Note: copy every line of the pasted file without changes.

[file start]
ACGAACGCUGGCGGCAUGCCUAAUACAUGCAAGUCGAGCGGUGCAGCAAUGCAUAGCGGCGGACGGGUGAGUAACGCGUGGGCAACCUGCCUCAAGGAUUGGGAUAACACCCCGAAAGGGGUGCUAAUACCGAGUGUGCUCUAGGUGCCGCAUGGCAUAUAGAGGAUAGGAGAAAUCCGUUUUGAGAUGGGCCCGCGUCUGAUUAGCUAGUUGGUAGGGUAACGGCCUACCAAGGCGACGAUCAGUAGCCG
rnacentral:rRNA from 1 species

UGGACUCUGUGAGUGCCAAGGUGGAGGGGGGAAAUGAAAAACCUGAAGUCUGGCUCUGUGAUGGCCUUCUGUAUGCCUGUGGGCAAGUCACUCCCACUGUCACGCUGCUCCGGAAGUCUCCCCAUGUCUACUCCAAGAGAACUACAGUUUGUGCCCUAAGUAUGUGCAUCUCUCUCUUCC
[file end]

ACGAACGCUGGCGGCAUGCCUAAUACAUGCAAGUCGAGCGGUGCAGCAAUGCAUAGCGGCGGACGGGUGAGUAACGCGUGGGCAACCUGCCUCAAGGAUUGGGAUAACACCCCGAAAGGGGUGCUAAUACCGAGUGUGCUCUAGGUGCCGCAUGGCAUAUAGAGGAUAGGAGAAAUCCGUUUUGAGAUGGGCCCGCGUCUGAUUAGCUAGUUGGUAGGGUAACGGCCUACCAAGGCGACGAUCAGUAGCCG
rnacentral:rRNA from 1 species

UGGACUCUGUGAGUGCCAAGGUGGAGGGGGGAAAUGAAAAACCUGAAGUCUGGCUCUGUGAUGGCCUUCUGUAUGCCUGUGGGCAAGUCACUCCCACUGUCACGCUGCUCCGGAAGUCUCCCCAUGUCUACUCCAAGAGAACUACAGUUUGUGCCCUAAGUAUGUGCAUCUCUCUCUUCC